Bard Music Festival exposes myths about Berg

Posted on: August 11, 2010

In Wednesday’s (8/11) Wall Street Journal, Barrymore Laurence Scherer writes, “In choosing the programming for the annual Bard Music Festival in Annandale-on-Hudson, N.Y., Leon Botstein, its co-founder and (with Robert Martin and Christopher Gibbs) its co-artistic director, has never shied away from danger. For 20 seasons he has bravely ventured into repertoire where others rarely go. In addition to conducting fresh and detailed investigations into … immensely popular composers … he has devoted festivals to less immediately accessible figures, such as Schoenberg, Bártok and Charles Ives, not to mention such looming niche figures as Liszt and Elgar, thereby walking a box-office tightrope … For this 21st Bard Festival, Mr. Botstein is going out on that tightrope again, focusing on the work of Alban Berg (1885-1935). Berg is widely known as a leading light of the Second Viennese School—and that is a particular bone Mr. Botstein has to pick with history. … Unlike Schoenberg’s other star pupil, Anton Webern (who remained one of Berg’s lifelong friends), Berg never turned his back on musical tradition. Where Webern embraced atonality by creating a new compositional framework to justify it, Berg, who counted Mahler and Oscar Wilde among his idols, sought to express his new musical ideas within traditional frameworks.”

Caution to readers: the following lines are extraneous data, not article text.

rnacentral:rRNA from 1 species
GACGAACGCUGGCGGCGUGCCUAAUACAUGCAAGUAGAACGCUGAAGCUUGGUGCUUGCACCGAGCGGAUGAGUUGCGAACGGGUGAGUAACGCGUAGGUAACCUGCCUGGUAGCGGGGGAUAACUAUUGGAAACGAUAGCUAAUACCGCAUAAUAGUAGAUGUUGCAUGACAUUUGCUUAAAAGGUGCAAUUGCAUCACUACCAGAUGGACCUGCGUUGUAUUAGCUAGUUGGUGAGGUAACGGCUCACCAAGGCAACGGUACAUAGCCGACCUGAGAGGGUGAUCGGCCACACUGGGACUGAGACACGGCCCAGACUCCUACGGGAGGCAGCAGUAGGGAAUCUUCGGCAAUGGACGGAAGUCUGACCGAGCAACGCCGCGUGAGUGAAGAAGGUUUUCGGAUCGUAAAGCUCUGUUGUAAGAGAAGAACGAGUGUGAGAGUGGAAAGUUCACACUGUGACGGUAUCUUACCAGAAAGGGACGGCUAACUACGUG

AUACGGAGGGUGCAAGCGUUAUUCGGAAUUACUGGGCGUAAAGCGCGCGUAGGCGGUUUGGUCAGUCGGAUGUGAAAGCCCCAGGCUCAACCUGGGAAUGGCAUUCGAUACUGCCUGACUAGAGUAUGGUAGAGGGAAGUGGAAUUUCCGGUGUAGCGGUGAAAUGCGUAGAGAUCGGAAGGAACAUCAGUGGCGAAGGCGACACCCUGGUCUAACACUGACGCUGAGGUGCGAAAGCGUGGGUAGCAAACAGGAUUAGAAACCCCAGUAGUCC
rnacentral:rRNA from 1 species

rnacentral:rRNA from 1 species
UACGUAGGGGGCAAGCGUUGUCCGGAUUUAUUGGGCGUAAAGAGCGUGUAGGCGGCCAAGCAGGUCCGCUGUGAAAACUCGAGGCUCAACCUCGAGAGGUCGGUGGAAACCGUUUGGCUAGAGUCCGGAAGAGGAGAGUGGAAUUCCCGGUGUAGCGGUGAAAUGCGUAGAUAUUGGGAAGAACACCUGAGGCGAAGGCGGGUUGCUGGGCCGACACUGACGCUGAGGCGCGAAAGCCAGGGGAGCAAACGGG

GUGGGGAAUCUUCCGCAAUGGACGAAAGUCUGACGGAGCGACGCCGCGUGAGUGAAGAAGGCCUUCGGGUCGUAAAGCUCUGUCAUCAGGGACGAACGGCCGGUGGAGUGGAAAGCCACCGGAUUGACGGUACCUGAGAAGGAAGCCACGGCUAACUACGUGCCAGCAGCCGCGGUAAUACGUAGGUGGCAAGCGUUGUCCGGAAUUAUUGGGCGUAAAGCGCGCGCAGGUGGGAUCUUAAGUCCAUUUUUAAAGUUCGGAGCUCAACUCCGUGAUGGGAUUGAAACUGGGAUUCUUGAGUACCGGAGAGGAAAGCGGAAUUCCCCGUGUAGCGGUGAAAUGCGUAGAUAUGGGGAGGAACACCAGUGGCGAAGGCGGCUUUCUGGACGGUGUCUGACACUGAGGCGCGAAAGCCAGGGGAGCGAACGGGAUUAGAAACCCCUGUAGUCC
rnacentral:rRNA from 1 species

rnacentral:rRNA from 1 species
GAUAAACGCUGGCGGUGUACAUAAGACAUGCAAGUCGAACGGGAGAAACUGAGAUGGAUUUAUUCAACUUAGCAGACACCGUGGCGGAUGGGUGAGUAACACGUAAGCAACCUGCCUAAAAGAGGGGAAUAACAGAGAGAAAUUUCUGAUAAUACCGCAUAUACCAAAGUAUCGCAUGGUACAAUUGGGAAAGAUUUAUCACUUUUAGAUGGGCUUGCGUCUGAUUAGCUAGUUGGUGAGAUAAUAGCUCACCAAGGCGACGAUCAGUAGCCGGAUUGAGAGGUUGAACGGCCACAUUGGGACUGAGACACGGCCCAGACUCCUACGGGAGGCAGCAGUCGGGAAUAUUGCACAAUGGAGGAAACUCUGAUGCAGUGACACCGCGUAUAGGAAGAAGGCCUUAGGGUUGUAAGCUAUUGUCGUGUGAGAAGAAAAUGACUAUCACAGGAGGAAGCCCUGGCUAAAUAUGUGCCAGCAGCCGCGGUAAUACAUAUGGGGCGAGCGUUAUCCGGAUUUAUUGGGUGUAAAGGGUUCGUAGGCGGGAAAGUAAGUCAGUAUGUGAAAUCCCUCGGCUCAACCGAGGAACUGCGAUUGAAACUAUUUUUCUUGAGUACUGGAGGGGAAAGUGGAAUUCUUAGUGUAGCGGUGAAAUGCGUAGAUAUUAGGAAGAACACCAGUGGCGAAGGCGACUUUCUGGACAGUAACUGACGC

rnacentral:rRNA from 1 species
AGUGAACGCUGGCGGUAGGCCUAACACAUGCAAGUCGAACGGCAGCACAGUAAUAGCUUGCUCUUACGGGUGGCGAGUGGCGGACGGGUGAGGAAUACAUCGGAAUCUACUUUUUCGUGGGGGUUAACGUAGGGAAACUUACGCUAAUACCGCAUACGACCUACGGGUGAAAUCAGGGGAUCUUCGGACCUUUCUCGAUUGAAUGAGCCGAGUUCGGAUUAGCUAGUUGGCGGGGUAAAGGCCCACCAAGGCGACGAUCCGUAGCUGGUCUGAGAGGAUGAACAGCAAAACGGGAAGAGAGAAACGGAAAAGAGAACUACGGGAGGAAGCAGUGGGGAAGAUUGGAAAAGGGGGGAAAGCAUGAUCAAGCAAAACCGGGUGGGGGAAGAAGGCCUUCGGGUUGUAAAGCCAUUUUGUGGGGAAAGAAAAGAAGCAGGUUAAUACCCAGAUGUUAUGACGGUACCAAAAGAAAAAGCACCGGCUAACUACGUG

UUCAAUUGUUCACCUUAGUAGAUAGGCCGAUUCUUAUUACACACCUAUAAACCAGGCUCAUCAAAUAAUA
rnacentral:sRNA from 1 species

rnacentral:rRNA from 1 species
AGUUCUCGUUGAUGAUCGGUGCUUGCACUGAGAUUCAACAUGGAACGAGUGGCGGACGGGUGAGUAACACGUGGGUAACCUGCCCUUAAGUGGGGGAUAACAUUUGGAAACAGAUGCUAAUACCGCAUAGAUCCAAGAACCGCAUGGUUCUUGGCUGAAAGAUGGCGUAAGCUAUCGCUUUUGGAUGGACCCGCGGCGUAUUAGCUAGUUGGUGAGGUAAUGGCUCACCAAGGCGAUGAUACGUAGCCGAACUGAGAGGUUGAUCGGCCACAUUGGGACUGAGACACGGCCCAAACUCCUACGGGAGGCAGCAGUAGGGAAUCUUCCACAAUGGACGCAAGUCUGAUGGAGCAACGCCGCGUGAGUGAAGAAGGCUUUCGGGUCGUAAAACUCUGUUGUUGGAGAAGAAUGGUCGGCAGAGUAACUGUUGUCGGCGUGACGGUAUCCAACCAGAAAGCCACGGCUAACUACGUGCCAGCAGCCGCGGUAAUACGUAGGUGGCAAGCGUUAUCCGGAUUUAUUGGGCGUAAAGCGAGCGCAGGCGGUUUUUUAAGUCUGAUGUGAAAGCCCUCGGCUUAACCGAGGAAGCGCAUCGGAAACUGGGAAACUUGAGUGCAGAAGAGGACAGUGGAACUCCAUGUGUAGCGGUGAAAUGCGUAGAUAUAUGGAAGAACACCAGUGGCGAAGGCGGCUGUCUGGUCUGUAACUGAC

Posted August 11, 2010